Remittances, for instance, fuel private consumption, which cover about 10 percent of the country’s economy.
There are several economic indicators that already point to some recovery. OFW remittances rose in June 2020, a reversal from three straight months of decline.
Meanwhile, unemployment rate is starting to ease from a record-high 17.7 percent in April. These factors should help restore Filipino consumers’ purchasing power and benefit retailers and mall operators.
Expanded partnerships with logistics firms
The social distancing measures have been compelling consumers to rely heavily on deliveries. Mall operators and retailers should consider firming up partnerships with delivery companies that have modern warehouses and efficient logistics systems to maximize their shift from brick-and-mortar to online selling.
The Colliers survey noted that more than half of the respondents that chose online shopping preferred e-commerce due to convenience.
Expand offline-to-online strategies
The survey conducted by Colliers Philippines shows tremendous opportunities for retailers that are agile enough to pivot to the “new normal” in Metro Manila retail.
The lockdown imposed to contain COVID-19 has forced malls to close, with only the stores supplying essential items such as groceries, medicines, and food for delivery open during stricter lockdowns.
Colliers believes that social distancing is likely be part of the new normal even if the lockdown is further eased. Hence, a significant number of physical retail shops are likely to remain closed for additional time.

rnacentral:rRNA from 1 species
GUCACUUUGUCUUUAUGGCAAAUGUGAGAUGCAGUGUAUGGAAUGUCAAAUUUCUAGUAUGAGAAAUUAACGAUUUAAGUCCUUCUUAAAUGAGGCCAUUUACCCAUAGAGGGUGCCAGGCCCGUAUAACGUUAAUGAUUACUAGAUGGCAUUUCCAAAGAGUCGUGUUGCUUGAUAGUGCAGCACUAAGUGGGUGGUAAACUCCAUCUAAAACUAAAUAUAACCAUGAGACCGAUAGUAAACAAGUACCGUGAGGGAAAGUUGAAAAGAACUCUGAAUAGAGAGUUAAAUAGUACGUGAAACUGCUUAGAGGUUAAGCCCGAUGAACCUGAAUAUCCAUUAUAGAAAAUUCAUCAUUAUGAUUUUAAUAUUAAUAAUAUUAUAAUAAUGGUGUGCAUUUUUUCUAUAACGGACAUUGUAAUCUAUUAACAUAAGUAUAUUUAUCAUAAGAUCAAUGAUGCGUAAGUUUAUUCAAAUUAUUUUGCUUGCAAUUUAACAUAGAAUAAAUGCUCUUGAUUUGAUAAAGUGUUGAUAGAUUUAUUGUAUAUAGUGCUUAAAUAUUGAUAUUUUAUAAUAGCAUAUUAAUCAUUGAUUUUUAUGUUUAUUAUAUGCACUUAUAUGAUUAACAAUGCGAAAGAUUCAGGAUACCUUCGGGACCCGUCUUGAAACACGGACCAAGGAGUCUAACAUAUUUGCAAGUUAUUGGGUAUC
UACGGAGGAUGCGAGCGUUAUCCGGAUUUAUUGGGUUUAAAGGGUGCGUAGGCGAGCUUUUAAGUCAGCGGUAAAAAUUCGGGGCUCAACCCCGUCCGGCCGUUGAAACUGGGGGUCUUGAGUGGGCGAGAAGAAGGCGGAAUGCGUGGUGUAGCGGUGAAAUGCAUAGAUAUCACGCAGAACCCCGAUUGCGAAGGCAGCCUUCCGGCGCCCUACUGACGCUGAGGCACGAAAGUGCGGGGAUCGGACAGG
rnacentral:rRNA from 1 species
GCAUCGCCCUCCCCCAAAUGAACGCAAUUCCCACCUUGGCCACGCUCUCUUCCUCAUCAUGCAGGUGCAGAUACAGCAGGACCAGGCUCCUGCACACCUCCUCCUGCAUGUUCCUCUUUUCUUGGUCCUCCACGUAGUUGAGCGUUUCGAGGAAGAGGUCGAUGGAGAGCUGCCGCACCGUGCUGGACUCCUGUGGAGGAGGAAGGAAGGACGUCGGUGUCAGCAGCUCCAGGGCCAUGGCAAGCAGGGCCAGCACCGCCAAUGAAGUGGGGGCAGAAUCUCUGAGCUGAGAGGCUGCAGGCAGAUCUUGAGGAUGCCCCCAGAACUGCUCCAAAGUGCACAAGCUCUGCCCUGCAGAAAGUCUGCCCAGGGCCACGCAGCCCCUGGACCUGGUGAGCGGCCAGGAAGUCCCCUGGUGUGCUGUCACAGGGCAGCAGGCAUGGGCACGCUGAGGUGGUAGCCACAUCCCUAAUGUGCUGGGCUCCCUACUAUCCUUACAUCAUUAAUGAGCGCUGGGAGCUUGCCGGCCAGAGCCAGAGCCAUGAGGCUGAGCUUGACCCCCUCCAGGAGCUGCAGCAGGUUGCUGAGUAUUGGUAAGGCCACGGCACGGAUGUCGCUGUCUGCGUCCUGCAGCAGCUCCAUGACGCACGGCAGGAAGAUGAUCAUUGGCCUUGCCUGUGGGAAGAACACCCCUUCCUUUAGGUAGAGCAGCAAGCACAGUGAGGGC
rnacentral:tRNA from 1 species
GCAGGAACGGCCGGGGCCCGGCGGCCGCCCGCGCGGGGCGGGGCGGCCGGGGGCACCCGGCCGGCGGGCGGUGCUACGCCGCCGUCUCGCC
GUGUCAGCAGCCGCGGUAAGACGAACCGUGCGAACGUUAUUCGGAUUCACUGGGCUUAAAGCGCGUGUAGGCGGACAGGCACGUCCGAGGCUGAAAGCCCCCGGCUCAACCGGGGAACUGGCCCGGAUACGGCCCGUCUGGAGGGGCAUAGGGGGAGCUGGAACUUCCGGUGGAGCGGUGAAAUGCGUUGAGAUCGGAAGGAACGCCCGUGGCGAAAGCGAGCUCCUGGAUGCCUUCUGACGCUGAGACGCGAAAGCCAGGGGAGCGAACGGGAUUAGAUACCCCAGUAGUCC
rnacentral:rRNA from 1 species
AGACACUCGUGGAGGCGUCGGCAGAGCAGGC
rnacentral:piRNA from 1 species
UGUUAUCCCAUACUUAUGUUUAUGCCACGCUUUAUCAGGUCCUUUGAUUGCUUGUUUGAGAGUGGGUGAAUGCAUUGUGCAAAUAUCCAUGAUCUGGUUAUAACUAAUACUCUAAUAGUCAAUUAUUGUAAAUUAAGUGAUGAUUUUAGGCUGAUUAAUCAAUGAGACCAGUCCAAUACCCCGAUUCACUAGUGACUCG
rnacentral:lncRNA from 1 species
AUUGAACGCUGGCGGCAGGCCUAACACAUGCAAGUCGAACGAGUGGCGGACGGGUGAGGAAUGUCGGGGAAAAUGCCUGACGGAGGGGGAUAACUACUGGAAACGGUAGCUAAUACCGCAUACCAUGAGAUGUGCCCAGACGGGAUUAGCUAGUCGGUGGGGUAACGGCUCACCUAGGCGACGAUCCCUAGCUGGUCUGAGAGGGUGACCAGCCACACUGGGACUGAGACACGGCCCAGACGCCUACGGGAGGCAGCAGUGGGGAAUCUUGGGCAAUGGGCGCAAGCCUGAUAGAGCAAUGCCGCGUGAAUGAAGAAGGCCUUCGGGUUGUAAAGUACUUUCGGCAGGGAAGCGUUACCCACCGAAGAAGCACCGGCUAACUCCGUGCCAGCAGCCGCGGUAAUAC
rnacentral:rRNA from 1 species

However, brick-and-mortar retailers are trying to tap the demand by expanding their online presence.
Ramp up client engagement to stay top of mind
We recommend that retailers, especially higher-end brands, be more innovative to stay at the top of consumers’ minds. This may be in the form of home deliveries or personal shoppers.
Selected retailers and operators have started tapping alternative platforms to reach out to customers during the quarantine period. Several mall operators have launched their respective Viber communities. Ayala and SM have also launched their personal shopping services.
Highlight sanitation and marketing efforts
Mall operators should continue highlighting sanitation and property management procedures within their establishments. Developers should also line up marketing efforts to recapture pent up demand once the pandemic wanes and consumer confidence recovers.
At Colliers, we always recommend that developers highlight projects that are within integrated communities.
In our opinion, the pandemic has further emphasized the need to be in an integrated community where unit owners can easily access essential goods and services. Developers have been responding to this need by highlighting the presence of groceries and supermarkets that offer a wide array of merchandise, from F&B to basic house supplies to medicines.
We already see this in the market, with brands such as MerryMart offering an expansive line of merchandise. We encourage developers and retailers to continue highlighting the integrated features of their residential projects, including the presence of groceries and hypermarkets within the community, as this is likely to be among the major considerations of unit owners post-lockdown and COVID-19 pandemic.